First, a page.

Breonna Taylor's boyfriendsaid the pair had been watching a movie in bed when police raided the apartment as part of a narcotics investigation, and shot Taylor dead.
"To the world she's just a hashtag, a picture, and all of that," he told "CBS This Morning" co-host Gayle King. "But to me it was much more. More than a girlfriend too. I think that's what I want the world to know the most. That was my best friend… The most important person pretty much to me on Earth. And they took her."
Neither Walker nor Taylor have criminal histories, and no illegal drugs were found at the scene. The officers had been investigating Taylor's ex-boyfriend, who did not live at her address. On the night of March 13 they entered the apartment using a no-knock warrant.
He recounted the events leading up to Taylor's death in painstaking detail.
"It was a normal day… you know, we went on a date, we went out to eat," Walker recalled. He said they had gone back home to play Uno and watch a movie.
Later, according to Walker, there was "a loud bang at the door."
"Nobody was responding, and we were saying 'Who is it?' You know," he said.
Walker said they repeated the phrase several times but got no answer.
"I'm a million percent sure that nobody identified themselves," he said. "if they had knocked on the door and say who it was, we could hear them. It was dead silent."
Feeling "deathly afraid," Walker said they got up to put on clothes amid heavy knocking to make themselves "decent to answer the door."
"Then I grab my gun," he said.
A licensed gun owner, Walker said the moment was "the one time" he had to use it.
"If it was theand they just said, 'We're the police," me or Breonna didn't have a reason at all not to open the door to see what they wanted," Walker said.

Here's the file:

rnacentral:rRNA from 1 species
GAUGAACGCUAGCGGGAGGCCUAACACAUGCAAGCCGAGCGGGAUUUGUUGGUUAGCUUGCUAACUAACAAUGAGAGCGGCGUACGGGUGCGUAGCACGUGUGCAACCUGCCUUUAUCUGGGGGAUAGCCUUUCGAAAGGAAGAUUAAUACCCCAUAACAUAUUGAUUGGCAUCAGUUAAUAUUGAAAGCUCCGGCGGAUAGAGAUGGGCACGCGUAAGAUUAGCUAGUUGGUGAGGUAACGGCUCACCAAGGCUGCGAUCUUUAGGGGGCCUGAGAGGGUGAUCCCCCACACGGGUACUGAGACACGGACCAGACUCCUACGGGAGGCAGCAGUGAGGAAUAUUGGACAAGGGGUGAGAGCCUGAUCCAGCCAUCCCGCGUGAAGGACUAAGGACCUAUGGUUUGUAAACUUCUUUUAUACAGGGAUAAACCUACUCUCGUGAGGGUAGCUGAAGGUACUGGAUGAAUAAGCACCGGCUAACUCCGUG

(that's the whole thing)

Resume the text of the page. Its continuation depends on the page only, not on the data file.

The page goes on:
The door flew off its hinges. Walker fired a single shot, thinking he was defending the apartment during a home invasion.
Then police opened fire. Walker said he never heard so many gunshots at the same time.
"I've never been to war. But I assume that's what war probably sounds like," he said.
Three officers combined fired 32 shots into the apartment, with "bullets coming in every direction," Walker said.
He had been holding Taylor's hand during the gunfire when he heard her scream.
"I pulled her down to the ground. But, you know, she was scared so she just didn't get down," he said.
When the gunfire stopped, Walker said Taylor was alive and bleeding. He called his mother as he held her.
"I told her that somebody just kicked in the door and shot Breonna. And she's freaking out at this point. But she told me to call 911. So I did," Walker said.
The gut-wrenchinghas since been made public. Walker's voice can be heard telling the operator that someone "kicked in the door" and shot his girlfriend.
He said if he knew it was the police who broke in, he would not have called the police for help.
"That doesn't even make sense," he said.
Walker said he hung up on 911 and called Taylor's mother.
"I don't think I realized that it was the police until I was on the phone with Breonna's mom," Walker said. "I thought they was, you know, coming for help. 'Cause I called 911."